Defending tribunal claims: don’t forget mitigation of loss

When defending tribunal claims, employers need to gather relevant evidence and prepare arguments about the employee’s efforts to mitigate their loss. Charles Wynn Evans argues this is an essential and easily overlooked aspect of preparation for a tribunal case. 

Whether negotiating severance terms, settling a tribunal claim ahead of a hearing, or addressing the issue of the compensation which a tribunal should award in relation to a successful employment claim (such as for unfair dismissal or unlawful discrimination), employers need to ‎consider carefully and not lose sight of the issue of mitigation of loss.

The case of Cooper Contracting v Lindsey

The recent Employment Appeal Tribunal (EAT) case of Cooper Contracting Ltd v Lindsey reiterates the principles which the employment tribunal must apply when considering mitigation.

In this case an employer appealed against the award of compensation made by an employment tribunal to a carpenter who had successfully claimed unfair dismissal.

The tribunal accepted that it was legitimate for the claimant employee to mitigate his loss by taking up self employment – which he had enjoyed previously and which suited his preferences at his stage of life and in light of his experiences with the respondent employer.

However, the award of compensation to him was limited to three months on the basis that there were other higher paid opportunities “out there” had he chosen to look for them.

In upholding the tribunal’s decision the EAT took the opportunity to reiterate the principles which apply in relation to mitigation. It also disapproved of the idea that the employee must take all reasonable steps to mitigate – such that a failure to take one reasonable step would automatically put the employee in breach of the duty to mitigate and require a reduction to his or her compensation.

The EAT clarified that the burden of proof is on the employer to show that the claimant has failed to comply with the duty to make reasonable efforts to mitigate – it is not for the employee to show that he or she has not done so. What needs to be shown – by the employer – is that the employee acted unreasonably‎ – the employee does not need to show that he or she acted reasonably.

The views and wishes of the employee need to be taken into account and the tribunal must not apply too demanding a standard to the employee who is a victim of the employer’s wrongdoing.

Just because there is a better paid job which it would have been reasonable for the employee to have taken does not always mean the employee has not mitigated – this will be important evidence but there may be other circumstances which mean that the employee has not acted unreasonably in not taking that alternative position.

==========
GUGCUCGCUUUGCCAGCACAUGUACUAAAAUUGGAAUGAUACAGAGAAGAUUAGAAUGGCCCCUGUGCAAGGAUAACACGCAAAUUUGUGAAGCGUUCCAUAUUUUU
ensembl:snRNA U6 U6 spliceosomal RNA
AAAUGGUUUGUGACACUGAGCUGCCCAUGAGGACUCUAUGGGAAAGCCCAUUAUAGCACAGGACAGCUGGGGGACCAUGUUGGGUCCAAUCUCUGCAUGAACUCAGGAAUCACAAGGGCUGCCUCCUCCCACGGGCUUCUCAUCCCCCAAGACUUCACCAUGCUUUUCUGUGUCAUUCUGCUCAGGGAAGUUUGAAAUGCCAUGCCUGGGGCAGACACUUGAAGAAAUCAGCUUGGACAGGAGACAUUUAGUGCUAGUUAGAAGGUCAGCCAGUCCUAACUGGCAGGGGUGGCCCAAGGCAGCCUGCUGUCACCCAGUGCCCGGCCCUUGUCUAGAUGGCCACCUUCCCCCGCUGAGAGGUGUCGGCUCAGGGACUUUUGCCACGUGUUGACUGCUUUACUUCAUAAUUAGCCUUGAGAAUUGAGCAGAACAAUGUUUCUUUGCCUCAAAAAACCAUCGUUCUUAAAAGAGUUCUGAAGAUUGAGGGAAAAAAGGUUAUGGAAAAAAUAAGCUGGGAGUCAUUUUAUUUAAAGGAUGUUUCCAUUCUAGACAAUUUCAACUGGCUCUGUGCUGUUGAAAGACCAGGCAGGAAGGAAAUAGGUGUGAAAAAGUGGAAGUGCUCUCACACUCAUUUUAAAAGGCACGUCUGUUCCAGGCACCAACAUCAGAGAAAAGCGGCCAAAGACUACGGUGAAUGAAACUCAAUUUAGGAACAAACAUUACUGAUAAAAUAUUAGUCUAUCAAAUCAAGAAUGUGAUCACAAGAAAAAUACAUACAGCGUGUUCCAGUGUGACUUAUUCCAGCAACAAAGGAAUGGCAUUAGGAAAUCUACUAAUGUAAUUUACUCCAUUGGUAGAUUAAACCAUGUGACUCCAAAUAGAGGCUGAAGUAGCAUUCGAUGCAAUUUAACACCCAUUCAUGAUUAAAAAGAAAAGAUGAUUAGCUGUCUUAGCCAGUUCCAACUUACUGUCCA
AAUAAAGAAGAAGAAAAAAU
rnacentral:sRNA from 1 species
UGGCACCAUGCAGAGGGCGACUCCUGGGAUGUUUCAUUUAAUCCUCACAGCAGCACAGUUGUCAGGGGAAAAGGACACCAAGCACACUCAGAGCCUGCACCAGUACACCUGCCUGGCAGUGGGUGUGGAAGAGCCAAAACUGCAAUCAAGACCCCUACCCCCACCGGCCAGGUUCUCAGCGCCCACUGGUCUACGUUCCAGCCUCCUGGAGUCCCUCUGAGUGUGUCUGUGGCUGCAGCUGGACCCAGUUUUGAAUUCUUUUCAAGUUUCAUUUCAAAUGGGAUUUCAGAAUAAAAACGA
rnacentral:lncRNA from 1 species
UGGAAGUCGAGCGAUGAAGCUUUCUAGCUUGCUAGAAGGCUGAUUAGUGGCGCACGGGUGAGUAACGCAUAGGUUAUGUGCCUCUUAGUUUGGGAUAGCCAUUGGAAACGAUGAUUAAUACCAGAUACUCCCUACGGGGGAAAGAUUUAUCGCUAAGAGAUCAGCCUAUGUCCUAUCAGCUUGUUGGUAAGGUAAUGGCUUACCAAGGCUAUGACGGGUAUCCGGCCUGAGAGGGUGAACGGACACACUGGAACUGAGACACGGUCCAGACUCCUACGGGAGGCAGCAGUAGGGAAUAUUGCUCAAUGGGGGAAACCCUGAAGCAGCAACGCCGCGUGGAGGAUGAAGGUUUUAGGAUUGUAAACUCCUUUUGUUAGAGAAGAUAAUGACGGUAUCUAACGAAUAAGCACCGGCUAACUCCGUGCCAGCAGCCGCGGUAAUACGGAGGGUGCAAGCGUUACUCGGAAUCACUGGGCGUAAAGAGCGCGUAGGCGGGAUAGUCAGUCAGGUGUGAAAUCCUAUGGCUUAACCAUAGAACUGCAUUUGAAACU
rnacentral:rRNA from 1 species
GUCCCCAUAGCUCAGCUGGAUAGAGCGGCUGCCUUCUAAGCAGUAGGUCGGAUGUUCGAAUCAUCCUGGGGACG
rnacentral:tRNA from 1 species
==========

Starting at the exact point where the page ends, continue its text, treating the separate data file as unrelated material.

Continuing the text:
A key practical point made by the EAT is that, because the burden of proof lies with the employer and not the employee, if the employer does not put evidence to the tribunal about mitigation, then the tribunal is not obliged to make a finding on the issue.

However confident an employer might be of being able successfully to defend a tribunal claim, if disaster strikes and the employer loses the case, then its position will be further worsened if it has not done sufficient preparatory work to be able to argue mitigation points when it comes to the stage of determining the appropriate remedy by way of compensation.

What employers should do

Employers defending tribunal claims should therefore not forget the need to be ready to address issues of mitigation. Failure to have evidence available to demonstrate the efforts which it argues that the employee should have taken to seek alternative employment can clearly be fatal to attempts to reduce an award of compensation  by reference to mitigation.

This can be achieved by collating job adverts for which the employee could have applied, seeking expert evidence about employability in the relevant geographical area and/or industry sector, or by identifying other steps the employee could have taken, such as registering with employment agencies.

While the employer will want to build its own case on mitigation with appropriate evidence, it will also still want to seek full disclosure from the employee of his or her efforts to mitigate, not least in order to be able to critique the employee’s efforts and assess what further evidence could be useful to its case.

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